Attorney Referral Fees in Wyoming - A Complete Guide


How to Ethically Share Fees With Other Wyoming Attorneys

Although Wyoming closely tracks the language of the ABA Model Rule 1.5(e), there is one critical difference that makes Wyoming more restrictive than the ABA Rule: Wyoming requires a fee split to be in proportion to services performed, and requires each lawyer to assume joint responsibility for the matter. In this regard, Wyoming is one of three states (the others being Hawaii and Louisiana) with rules more restrictive than the ABA Model Rule.

Wyoming Rule

Wyoming Rules of Professional Conduct Rule 1.5(e) provides the requirements for any division of fees. It states:

A division of a fee between lawyers who are not in the same firm may be made only if:

  • (1) the division is in proportion to the services performed by each lawyer and, each lawyer assumes joint responsibility for the representation;
  • (2) the client is informed of the arrangement, including the share each lawyer will receive, and the agreement is confirmed in writing;
  • (3) the total fee is reasonable.

Wyoming has adopted the language of ABA Model Rule 1.5 for the division of fees, with one significant change. The ABA model rule requires either that the fee be made in proportion to the services performed, or, each lawyer assumes joint responsibility. Wyoming has replaced the "or" with an "and," thereby requiring both requirements to be met.

The comment provides a definition of joint responsibility:

Joint responsibility for the representation entails financial and ethical responsibility for the representation as if the lawyers were associated in a partnership.

Reasonable Fees

WRPC Rule 1.5(a) is the guiding rule for determining whether a fee is reasonable. It provides:

A lawyer shall not make an agreement for, charge, or collect an unreasonable fee or an unreasonable amount for expenses. The factors to be considered in determining the reasonableness of a fee include the following:

  • (1) the time and labor required, the novelty and difficulty of the questions involved, and the skill requisite to perform the legal service properly;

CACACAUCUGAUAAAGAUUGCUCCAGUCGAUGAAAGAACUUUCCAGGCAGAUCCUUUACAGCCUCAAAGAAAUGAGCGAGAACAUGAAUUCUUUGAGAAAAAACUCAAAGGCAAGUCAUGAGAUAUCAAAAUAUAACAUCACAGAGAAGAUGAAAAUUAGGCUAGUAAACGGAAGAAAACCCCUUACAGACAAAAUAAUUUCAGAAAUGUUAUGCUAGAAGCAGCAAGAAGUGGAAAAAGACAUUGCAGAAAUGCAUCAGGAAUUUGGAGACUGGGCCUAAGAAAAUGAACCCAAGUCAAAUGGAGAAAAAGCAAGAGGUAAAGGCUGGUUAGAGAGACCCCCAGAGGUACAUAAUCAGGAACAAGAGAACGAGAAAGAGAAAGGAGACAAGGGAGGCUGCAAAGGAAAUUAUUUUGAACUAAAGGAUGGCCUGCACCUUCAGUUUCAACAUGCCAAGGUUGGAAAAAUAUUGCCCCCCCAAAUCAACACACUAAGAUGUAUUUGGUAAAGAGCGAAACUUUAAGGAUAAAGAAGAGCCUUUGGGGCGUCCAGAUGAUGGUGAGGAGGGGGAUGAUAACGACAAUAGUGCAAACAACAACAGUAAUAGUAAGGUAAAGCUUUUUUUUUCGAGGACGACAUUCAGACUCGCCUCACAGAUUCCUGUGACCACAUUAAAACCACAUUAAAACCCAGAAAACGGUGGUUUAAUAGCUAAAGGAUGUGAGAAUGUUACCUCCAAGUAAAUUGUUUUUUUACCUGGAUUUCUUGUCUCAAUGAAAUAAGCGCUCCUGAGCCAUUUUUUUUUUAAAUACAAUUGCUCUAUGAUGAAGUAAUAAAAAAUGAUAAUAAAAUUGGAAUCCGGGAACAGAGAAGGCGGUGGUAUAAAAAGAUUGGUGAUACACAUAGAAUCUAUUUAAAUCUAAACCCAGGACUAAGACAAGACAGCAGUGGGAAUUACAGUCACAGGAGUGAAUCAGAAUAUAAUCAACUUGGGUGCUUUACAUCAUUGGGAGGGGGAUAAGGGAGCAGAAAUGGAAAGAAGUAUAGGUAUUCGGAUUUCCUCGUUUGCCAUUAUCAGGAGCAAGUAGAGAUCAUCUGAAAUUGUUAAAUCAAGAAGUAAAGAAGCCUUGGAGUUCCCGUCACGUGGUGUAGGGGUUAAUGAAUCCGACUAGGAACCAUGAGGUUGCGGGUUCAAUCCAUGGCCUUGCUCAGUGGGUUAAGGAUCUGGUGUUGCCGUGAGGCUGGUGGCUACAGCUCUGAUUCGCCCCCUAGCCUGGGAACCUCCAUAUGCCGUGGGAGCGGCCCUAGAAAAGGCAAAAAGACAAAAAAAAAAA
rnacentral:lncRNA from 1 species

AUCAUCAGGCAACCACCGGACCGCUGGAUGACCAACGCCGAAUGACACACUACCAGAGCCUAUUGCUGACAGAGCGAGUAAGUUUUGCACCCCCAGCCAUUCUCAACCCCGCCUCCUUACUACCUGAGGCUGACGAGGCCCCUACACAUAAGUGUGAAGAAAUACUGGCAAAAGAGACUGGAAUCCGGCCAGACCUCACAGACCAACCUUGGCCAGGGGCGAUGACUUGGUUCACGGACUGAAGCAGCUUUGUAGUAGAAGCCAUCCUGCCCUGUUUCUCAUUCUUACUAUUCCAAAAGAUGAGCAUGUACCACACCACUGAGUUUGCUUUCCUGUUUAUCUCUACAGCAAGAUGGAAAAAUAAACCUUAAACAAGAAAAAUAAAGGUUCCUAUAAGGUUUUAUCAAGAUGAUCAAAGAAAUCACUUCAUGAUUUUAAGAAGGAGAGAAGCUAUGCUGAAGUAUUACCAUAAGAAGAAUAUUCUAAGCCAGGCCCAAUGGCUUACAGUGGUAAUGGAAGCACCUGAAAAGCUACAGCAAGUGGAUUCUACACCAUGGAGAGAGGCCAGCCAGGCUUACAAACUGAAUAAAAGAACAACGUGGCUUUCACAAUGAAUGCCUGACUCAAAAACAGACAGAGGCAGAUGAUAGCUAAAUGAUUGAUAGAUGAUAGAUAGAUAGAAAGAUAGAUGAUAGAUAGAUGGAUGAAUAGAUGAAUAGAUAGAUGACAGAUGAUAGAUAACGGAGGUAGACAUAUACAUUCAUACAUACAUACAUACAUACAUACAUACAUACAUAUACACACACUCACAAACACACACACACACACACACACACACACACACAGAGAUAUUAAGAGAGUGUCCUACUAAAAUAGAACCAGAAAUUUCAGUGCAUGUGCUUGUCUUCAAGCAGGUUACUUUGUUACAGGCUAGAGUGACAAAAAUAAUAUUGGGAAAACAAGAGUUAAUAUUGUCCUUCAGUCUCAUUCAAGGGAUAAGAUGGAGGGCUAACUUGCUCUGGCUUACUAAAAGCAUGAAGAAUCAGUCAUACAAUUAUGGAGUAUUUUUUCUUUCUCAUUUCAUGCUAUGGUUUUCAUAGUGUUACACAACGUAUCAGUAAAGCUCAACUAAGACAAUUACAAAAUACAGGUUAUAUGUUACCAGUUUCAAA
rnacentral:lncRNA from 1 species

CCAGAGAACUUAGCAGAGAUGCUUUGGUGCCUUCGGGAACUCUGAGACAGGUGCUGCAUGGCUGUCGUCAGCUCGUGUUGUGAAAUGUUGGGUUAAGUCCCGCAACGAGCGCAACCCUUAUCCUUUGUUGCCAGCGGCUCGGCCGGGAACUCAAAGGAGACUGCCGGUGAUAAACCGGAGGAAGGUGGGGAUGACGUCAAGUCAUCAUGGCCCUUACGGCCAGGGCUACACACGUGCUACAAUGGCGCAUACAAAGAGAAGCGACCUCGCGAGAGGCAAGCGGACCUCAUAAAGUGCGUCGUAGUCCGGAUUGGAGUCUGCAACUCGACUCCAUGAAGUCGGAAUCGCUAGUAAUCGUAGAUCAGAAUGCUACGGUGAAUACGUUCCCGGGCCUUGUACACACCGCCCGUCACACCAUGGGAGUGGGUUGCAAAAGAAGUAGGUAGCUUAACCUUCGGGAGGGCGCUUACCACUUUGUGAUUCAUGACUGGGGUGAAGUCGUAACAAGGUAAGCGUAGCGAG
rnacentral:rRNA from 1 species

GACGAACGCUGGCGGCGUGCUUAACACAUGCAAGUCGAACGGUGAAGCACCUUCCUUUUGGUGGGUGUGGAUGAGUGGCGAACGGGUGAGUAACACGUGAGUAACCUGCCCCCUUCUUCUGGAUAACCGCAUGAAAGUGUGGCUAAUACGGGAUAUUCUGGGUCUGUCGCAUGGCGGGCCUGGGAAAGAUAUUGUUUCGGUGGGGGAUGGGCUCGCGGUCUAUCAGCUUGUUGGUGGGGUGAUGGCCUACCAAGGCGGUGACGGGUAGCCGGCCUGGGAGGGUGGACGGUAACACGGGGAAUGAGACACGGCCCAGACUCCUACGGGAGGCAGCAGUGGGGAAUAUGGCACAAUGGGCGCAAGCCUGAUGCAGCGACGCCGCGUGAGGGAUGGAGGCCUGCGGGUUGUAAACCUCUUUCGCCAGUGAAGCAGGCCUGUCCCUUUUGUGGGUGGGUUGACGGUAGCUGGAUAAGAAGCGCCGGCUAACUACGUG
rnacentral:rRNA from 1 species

• (2) the likelihood, if apparent to the client, that the acceptance of the particular employment will preclude other employment by the lawyer;
  • (3) the fee customarily charged in the locality for similar legal services;
  • (4) the amount involved and the results obtained;
  • (5) the time limitations imposed by the client or by the circumstances;
  • (6) the nature and length of the professional relationship with the client;
  • (7) the experience, reputation, and ability of the lawyer or lawyers performing the services;
  • (8) whether the fee is fixed or contingent.

Similar to Rule 1.5(e), the state adopted the exact language of the Model Rules, including the comment. These rules are not exclusive and may or may not be relevant in any case. Reasonableness is a case-by-case determination.


Paragraph 7 of the Rule 1.5 Comment adds a competency requirement to any referral. WRPC Rule 1.1 states:

“A lawyer shall provide competent representation to a client. Competent representation requires the legal knowledge, skill, thoroughness and preparation reasonably necessary for the representation.”

A lawyer should either already possess the skills, knowledge, and experience needed for representation or be able to gain the needed skills and knowledge through reasonable preparation. Depending on the matter at hand, specialized skills or knowledge may be required.

Competency must be maintained throughout representation. This includes staying current on any relevant changes or revisions to the law.


Wyoming allows attorneys to split fees when all attorneys are competent to handle the representation and fees are reasonable. A split must be based on services performed or assuming joint responsibility.

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